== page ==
A disc herniation is a medical condition in which the thick outer fibers of the disc are injured, allowing the gelatinous center to push outward, creating pain, restriction in range of motion, and dysfunction.
When unresponsive to conservative care and injections, surgery is often recommended. There are several different types of surgery for herniated discs, which are discussed below.
Causes of a Herniated Disc
The disc is composed of two principal parts: the annulus fibrosus, which is the thick outer fibers of the disc, and the nucleus pulposus is the gelatinous center, which acts as a shock absorber during movement.
A disc herniation occurs when there is weakness or injury of the thick outer fibers (annulus fibrosus), thereby allowing the gelatinous center to push outward. The disc material can extend into the spinal canal, causing pain and narrowing.
It can also irritate or compress a nerve, causing radiating pain down the arm or leg. The contents of the disc are very toxic, causing pain and inflammation.
The incidence of a herniated disc is approximately 5-20 cases per 1000 adults. It is most common in individuals in the third to fifth decade of life.1 Men are more likely to suffer a herniated disc than women.
The most common cause of disc herniation is degeneration, where the disc becomes less hydrated and weakens. Other biologic factors thought to contribute to the disc herniation include:
Less water retention in the disc2
Increased type 1 collagen3
Degradation of the collagen and extracellular matrix material
The second most common cause of disc herniation is trauma. A sudden injury or trauma to the spine such as a fall, car accident or lifting a heavy object incorrectly can lead to disc herniation.
These events can cause excessive pressure on the discs, leading to tears and herniation.
Other factors that can cause disc herniation are:
Repetitive strain: activities that involve repetitive movements or heavy lifting can increase the risk of disc herniation. Over time, the cumulative stress can lead to degeneration and disc herniation.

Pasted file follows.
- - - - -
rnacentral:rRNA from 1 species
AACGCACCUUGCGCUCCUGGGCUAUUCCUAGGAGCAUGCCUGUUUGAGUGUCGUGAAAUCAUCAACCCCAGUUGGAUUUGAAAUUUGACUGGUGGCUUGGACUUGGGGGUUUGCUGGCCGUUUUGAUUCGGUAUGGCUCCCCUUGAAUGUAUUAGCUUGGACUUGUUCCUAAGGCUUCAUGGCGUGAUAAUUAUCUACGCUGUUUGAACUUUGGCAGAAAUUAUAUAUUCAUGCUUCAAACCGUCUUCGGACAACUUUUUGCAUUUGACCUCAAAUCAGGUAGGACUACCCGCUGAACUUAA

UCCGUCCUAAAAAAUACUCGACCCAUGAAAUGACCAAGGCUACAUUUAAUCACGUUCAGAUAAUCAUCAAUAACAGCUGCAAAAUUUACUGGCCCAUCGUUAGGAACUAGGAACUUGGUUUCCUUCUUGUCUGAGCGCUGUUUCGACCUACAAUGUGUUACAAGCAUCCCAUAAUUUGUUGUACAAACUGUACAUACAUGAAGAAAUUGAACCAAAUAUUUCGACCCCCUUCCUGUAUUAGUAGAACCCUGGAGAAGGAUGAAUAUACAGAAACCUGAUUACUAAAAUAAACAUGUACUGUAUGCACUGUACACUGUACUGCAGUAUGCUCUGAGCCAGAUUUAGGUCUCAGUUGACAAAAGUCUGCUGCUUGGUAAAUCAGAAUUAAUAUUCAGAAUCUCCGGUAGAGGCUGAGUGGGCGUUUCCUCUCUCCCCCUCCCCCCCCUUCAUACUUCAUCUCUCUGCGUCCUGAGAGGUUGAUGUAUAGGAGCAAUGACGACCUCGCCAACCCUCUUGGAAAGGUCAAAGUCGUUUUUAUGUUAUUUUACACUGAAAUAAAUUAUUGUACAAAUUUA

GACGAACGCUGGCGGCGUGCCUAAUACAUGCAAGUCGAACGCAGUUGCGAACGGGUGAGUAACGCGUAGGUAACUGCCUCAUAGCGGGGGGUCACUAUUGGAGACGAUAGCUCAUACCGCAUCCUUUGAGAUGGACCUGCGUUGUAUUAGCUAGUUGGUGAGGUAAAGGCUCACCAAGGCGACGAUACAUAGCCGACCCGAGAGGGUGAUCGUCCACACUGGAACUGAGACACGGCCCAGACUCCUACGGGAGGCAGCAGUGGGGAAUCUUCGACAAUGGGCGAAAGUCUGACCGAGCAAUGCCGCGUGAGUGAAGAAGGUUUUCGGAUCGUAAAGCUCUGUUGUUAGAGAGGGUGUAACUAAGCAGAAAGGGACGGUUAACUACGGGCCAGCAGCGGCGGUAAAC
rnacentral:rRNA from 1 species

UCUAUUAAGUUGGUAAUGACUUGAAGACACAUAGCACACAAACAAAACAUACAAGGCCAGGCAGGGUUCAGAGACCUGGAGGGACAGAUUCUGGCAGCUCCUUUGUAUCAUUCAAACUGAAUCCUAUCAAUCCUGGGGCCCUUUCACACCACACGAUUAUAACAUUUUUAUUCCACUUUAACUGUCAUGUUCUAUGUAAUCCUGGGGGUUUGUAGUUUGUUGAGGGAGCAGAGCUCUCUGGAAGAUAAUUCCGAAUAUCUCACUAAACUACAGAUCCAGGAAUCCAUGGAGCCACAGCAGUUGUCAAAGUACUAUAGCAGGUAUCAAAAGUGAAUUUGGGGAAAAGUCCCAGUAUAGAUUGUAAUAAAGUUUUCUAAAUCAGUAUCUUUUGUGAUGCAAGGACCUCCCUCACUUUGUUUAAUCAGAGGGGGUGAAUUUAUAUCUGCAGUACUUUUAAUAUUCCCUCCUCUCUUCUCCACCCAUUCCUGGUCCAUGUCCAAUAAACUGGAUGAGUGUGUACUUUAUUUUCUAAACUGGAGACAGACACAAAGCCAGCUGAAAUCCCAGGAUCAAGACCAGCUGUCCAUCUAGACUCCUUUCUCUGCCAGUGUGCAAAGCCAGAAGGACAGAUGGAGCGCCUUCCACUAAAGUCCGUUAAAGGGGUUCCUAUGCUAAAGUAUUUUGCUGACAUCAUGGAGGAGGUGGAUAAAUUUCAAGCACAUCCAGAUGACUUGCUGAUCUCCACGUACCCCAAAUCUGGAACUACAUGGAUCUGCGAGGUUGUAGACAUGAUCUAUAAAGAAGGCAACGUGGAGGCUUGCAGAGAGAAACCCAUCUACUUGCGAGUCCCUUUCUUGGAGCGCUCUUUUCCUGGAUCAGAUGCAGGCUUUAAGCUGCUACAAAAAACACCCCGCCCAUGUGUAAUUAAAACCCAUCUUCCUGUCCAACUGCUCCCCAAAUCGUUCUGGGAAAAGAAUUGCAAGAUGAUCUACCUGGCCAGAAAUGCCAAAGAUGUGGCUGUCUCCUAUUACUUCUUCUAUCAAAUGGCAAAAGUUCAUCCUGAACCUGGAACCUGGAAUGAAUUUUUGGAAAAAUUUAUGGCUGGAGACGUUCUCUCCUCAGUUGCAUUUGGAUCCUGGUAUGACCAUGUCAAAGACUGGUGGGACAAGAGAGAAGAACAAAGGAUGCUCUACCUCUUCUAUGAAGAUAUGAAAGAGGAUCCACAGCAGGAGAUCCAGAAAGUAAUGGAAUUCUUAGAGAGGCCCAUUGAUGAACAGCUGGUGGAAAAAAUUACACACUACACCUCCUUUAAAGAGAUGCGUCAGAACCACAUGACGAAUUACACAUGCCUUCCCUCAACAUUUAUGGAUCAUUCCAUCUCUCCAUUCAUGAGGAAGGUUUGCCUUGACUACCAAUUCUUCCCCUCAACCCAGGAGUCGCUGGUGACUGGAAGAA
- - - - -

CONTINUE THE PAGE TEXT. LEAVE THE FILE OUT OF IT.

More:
Genetics: Some individuals may be genetically predisposed to disc problems.
Obesity: Increased body weight can place additional stress on the spine and increase the risk of disc degeneration, spinal stenosis and disc herniation.5
Smoking: Smoking has been associated with increased risk of disc degeneration and disc herniation. It is thought to reduce blood flow and increase stress response on the disc.6
Types of Herniated Discs and Associated Surgery
Disc herniation can occur in various parts of the spine. The major types of disc herniations are based upon their location within the spine.
Cervical disc herniation: This type of herniation occurs in the neck. Symptoms can vary depending upon the size and location of the disc herniation.
Thoracic disc herniation: The thoracic spine, also known as the mid back, is that portion of the spine that is below the neck but above the low back. Thoracic disc herniations are relatively uncommon compared to lumbar and neck disc injuries. It is estimated that only 0.25-1% of all disc herniations take place in the thoracic region.7
Lumbar disc herniation: Lumbar refers to low back and is the most common type of disc herniation.
Central disc herniation: In a central disc herniation, the disc material is extruded towards the midline (center) of the spinal canal. This type of herniation can exert pressure on the spinal cord and potentially result in symptoms such as impaired mobility, balance issues, and dysfunction of the bowel or bladder.
Lateral disc herniation: A lateral disc herniation occurs when the disc material protrudes to the side of the spinal column instead of the midline, which is the case with a central disc protrusion.
Posterolateral disc herniation: This particular type of herniation takes place towards the posterior and lateral aspects of the spinal canal, potentially impacting both the spinal cord and the nerve roots.
Several factors determine the specific type of surgery for a herniated disc, including the location, size of the herniation, presence or absence of compression on the spinal cord or exiting nerve root, and the patient’s symptoms. The following are the most commonly performed surgical procedures for herniated discs:
Discectomy is a surgical procedure where a portion of the injured disc is removed. The procedure is performed for a number of indications, including herniated disc. There are different surgical approaches that include:
Microdiscectomy: Through a small incision, the injured portion of the disc is removed with the aid of a microscope.
Endoscopic discectomy: The disc is removed through a thin, flexible tube with a camera.
Open discectomy: This traditional approach utilizes a larger incision such that the surgeon can clearly visualize the herniated disc.
The vertebrae are the boney building blocks that stack one upon another to make up the cervical, thoracic and lumbar spine. The vertebrae are composed of the body and the posterior arch. The posterior arch is composed of the pedicles and the laminae.